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Pandora's Aquarium: The benefits to survivors


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For Professionals:

Pandora’s Aquarium and the Benefits to Survivors of Sexual Assault

If you are a counselor or other professional working to assist survivors of sexual assault, welcome to this page. In this age of the internet and online interaction, survivor message-boards are a commonly-used feature of the healing process for many survivors. Although membership of Pandora’s Aquarium is open only to survivors and secondary survivors (i.e. spouses and close friends) we would certainly like to share with you about what we do and the benefit to survivors.

Please click the following links for what you would like to see:

Pandora's Aquarium was born in 1999, as an off-shoot of Welcome to Barbados, a Tori Amos inspired website for rape and sexual abuse survivors. Our founder, Shannon Lambert, was featured on ABC's 20/20 in February of that year. As a result, many survivors visited her site. Due to the influx of emails, Shannon decided to create a message-forum so that survivors could support each other. There was nothing like Pandy’s (as Pandora’s Aquarium became affectionately known) online at the time. It began as a small bulletin-board style message board. Since then, it has never stopped growing. Pandy's is the largest and most active message board of its kind on the internet, serving rape and sexual abuse survivors 24 hours a day.

Pandy's became Pandora's Aquarium, Inc., in 2007, and its 501©(3) tax exempt status is pending. Being incorporated as a non-profit organization will enable us to reach our goal of supporting survivors both online and offline. Since 2001, we estimate that more than 16,000 survivors have registered on the message board & chat room. Numbers like that are bittersweet. How wonderful that we can find and help each other heal; how horrible that so many women and men are victims of rape.

Pandora’s Aquarium Staff

We have several levels of staff at Pandora’s Aquarium:

  • The Moderators and Administrators of Pandora’s Aquarium have several levels of training and expertise in the issue of sexual assault. You may learn more about us here.
  • Section Moderators are comprised of two board moderators plus two members of the board who have expertise or particular sensitivity in certain areas. These moderate specific healing forums.
  • The Chatterator is our Chat team-leader. We are very proud of her professionalism.
  • Chat-Moderators are a team of wonderful members who give up their time to help keep the chatroom a safe space.
  • Team Welcome are members who work hard to ensure that new members feel welcomed and settle in comfortably.

Commonly-Perceived Problems with Online Message-Forums

We acknowledge that some professionals have seen the use of message-forums by traumatized populations as problematic, and we understand that this is not without some validity. Be assured that we share your concerns. Below, we’ll look at commonly-perceived problems and how the staff of Pandora’s Aquarium addresses these (Note: We make no claim for general safety of online forums):

Online message-forums put unhealed or dangerous people in charge of vulnerable communities:

It’s certainly true that anyone can open a message-forum, but not everyone should. The moderators of Pandora’s Aquarium are women and men selected for their compassion, sensitivity to the needs of survivors and, importantly, commitment to and responsibility for our own healing. As mentioned above, several of us have professional backgrounds and levels of training, and while we make it clear we are not moderating the board in that capacity, that knowledge has proven to be extremely valuable in creating the safest and most nurturing climate possible for our members. We do understand that being a survivor alone may not necessarily equip one with the skills to assist others. But we are in a position to bring some special qualities to the task!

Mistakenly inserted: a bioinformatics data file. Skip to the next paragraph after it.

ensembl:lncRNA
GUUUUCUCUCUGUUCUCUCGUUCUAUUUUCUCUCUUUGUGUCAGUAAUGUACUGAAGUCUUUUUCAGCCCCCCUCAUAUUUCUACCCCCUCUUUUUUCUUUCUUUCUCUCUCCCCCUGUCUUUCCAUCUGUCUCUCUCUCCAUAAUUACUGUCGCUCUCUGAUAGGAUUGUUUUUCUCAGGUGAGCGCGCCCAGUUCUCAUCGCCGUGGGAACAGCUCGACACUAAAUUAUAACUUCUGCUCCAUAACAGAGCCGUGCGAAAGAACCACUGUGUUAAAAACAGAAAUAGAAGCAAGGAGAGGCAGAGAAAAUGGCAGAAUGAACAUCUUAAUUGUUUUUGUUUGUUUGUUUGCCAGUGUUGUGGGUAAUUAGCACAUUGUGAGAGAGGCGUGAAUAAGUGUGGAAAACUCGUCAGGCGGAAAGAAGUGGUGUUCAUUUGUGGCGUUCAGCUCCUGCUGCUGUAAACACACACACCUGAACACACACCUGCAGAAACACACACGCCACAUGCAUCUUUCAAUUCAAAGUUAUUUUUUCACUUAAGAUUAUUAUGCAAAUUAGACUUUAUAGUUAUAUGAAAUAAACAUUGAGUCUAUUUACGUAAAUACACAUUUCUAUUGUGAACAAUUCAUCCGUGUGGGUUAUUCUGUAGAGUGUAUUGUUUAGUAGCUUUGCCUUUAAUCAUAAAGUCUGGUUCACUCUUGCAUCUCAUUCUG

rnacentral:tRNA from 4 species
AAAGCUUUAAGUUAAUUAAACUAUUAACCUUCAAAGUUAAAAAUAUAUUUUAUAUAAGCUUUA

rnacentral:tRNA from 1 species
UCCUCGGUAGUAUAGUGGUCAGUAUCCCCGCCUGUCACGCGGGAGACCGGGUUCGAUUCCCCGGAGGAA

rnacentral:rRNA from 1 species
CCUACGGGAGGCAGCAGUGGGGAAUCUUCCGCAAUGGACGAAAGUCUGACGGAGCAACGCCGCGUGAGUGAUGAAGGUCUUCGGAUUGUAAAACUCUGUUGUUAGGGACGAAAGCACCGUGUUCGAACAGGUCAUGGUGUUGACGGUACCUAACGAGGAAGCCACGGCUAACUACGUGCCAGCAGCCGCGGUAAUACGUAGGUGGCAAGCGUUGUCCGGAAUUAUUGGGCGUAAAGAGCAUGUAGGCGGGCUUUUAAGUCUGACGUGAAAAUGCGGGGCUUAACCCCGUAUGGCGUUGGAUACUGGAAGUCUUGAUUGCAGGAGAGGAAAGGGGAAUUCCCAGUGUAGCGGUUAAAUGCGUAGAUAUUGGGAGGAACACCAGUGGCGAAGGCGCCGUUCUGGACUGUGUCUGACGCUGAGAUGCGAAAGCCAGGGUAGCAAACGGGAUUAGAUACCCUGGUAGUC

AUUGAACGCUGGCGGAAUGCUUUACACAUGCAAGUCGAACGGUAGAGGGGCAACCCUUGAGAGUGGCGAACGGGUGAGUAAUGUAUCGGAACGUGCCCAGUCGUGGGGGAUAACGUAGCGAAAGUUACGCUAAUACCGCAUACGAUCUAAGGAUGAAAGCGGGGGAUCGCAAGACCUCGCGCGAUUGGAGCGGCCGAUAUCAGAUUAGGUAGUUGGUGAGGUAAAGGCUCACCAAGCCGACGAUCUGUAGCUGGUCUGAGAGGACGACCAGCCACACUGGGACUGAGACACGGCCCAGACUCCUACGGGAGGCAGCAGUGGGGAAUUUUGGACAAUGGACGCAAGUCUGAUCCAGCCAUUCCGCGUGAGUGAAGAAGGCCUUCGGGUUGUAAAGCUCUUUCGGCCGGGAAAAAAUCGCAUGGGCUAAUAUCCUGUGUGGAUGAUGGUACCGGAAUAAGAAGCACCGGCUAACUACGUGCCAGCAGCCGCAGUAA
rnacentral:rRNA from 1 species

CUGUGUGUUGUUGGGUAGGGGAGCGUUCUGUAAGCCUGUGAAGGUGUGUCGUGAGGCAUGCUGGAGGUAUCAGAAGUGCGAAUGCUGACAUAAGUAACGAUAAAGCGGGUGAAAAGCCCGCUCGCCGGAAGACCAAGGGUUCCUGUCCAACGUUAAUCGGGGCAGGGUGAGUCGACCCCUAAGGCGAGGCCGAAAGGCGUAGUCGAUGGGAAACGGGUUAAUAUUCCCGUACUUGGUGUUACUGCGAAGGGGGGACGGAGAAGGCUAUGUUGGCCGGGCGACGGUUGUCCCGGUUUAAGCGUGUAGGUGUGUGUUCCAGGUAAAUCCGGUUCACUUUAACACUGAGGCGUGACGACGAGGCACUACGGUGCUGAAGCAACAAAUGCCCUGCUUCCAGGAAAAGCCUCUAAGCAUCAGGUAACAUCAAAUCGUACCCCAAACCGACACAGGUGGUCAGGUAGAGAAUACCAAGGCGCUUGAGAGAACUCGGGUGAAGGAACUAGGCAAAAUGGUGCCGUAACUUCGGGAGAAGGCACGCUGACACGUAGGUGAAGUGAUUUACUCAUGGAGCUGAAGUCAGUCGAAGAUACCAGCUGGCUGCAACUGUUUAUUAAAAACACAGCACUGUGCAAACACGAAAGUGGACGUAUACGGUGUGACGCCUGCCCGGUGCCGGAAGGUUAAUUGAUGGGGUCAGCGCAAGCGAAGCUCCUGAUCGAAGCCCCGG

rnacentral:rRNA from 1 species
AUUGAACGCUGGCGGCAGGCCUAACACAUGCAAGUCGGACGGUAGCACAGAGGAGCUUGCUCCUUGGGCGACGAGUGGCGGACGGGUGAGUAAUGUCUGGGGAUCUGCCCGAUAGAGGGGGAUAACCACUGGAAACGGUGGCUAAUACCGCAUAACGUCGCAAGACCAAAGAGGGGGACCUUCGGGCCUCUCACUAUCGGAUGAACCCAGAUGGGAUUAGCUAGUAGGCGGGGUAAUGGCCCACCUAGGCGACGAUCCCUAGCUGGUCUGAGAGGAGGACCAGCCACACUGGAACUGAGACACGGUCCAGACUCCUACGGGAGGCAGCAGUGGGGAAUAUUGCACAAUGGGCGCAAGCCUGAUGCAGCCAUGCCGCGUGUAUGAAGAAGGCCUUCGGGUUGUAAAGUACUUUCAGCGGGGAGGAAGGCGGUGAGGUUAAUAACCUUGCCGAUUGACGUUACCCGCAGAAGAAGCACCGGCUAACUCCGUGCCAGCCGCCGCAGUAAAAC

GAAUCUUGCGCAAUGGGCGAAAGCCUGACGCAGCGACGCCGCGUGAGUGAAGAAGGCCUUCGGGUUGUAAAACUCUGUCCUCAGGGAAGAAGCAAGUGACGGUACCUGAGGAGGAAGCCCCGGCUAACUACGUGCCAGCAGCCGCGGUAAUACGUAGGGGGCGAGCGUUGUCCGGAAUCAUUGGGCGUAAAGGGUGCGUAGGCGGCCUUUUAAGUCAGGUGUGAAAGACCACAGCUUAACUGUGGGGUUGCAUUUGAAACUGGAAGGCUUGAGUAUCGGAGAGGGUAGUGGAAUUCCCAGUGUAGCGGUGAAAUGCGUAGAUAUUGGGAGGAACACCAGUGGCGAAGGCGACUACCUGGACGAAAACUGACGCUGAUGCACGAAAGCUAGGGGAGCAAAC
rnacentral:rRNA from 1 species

We must add that we are aware that there is a stigma in some corners of the professional community about survivors helping other survivors. Although we understand the basis of these concerns, we believe that they can constitute an unfair and inaccurate generalization. It is true that in any caring role, including a therapeutic one, there are those whose influence on vulnerable people is not always for the best. We do not believe anybody - ourselves included - can claim infallibility. However, survivors assisting other survivors to overthrow the forces that have harmed them is acknowledged by writers such as Judith Herman (Trauma and Recovery: From domestic abuse to political terror, Basicbooks, USA, 1992) as a crucial force for personal and social transformation. Survivors are not necessarily well-intentioned time-bombs but strong, intelligent people who frequently do wonderful things in the service of other survivors. We are proud of the efforts our staff and members make to support others who are struggling!

Online Message-forums damage people without accountability:

We’ve also heard horror-stories about people damaged by online forums, who then have no redress. We know that the distress and setback to recovery can be major. Member issues are always managed at Pandora’s Aquarium by the entire team of moderators, who are careful to discuss each issue thoroughly before taking action. We always make decisions with respect for the feelings and safety of each individual member as well as the community as a whole. We have a firm commitment to promoting mutual respect amongst our members. However, we have to say that this is usually not an issue as we are constantly impressed and moved by the kindness, empathy and respect our members display to each other. Occasionally of course, issues cannot be resolved and members leave feeling that we did not do the best by them. Again, we take into consideration the needs of the community as a whole, and we do encourage people to make the best choice for themselves.

Please see our guidelines. We would add that we also have moderator guidelines for ourselves and our other staff.

Online Message-forums encourage “wallowing” instead of growth: